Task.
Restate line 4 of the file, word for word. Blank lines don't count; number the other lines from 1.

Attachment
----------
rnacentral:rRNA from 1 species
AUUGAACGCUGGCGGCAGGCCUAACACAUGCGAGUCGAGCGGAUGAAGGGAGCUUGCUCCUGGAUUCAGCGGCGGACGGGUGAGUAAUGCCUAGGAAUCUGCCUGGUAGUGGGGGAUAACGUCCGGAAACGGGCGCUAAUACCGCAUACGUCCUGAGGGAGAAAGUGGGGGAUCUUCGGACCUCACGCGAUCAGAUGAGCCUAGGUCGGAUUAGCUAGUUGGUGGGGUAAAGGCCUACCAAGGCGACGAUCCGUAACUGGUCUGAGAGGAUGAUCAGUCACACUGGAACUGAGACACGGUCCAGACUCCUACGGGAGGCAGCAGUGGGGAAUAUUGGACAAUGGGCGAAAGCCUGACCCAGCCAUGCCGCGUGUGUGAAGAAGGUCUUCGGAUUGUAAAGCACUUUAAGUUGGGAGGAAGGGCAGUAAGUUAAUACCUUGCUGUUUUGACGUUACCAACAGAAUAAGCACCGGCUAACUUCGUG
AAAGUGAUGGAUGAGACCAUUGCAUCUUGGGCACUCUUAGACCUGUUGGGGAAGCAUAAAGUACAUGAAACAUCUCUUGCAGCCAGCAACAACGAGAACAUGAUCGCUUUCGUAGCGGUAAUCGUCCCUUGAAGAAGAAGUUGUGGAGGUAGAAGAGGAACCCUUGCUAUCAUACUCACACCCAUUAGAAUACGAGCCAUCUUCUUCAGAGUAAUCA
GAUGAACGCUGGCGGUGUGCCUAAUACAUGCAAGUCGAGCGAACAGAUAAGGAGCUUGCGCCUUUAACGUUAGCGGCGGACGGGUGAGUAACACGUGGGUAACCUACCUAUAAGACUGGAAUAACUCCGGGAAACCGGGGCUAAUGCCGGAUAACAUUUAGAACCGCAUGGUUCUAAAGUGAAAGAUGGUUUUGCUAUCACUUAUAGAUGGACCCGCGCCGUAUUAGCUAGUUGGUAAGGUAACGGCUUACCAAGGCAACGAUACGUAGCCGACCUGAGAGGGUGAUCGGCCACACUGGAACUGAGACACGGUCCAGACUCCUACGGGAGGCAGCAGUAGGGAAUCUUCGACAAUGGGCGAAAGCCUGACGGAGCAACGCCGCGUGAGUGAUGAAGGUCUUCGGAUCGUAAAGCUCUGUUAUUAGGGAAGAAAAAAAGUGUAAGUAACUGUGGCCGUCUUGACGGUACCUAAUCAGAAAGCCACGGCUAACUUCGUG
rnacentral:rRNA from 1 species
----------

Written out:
GAUGAACGCUGGCGGUGUGCCUAAUACAUGCAAGUCGAGCGAACAGAUAAGGAGCUUGCGCCUUUAACGUUAGCGGCGGACGGGUGAGUAACACGUGGGUAACCUACCUAUAAGACUGGAAUAACUCCGGGAAACCGGGGCUAAUGCCGGAUAACAUUUAGAACCGCAUGGUUCUAAAGUGAAAGAUGGUUUUGCUAUCACUUAUAGAUGGACCCGCGCCGUAUUAGCUAGUUGGUAAGGUAACGGCUUACCAAGGCAACGAUACGUAGCCGACCUGAGAGGGUGAUCGGCCACACUGGAACUGAGACACGGUCCAGACUCCUACGGGAGGCAGCAGUAGGGAAUCUUCGACAAUGGGCGAAAGCCUGACGGAGCAACGCCGCGUGAGUGAUGAAGGUCUUCGGAUCGUAAAGCUCUGUUAUUAGGGAAGAAAAAAAGUGUAAGUAACUGUGGCCGUCUUGACGGUACCUAAUCAGAAAGCCACGGCUAACUUCGUG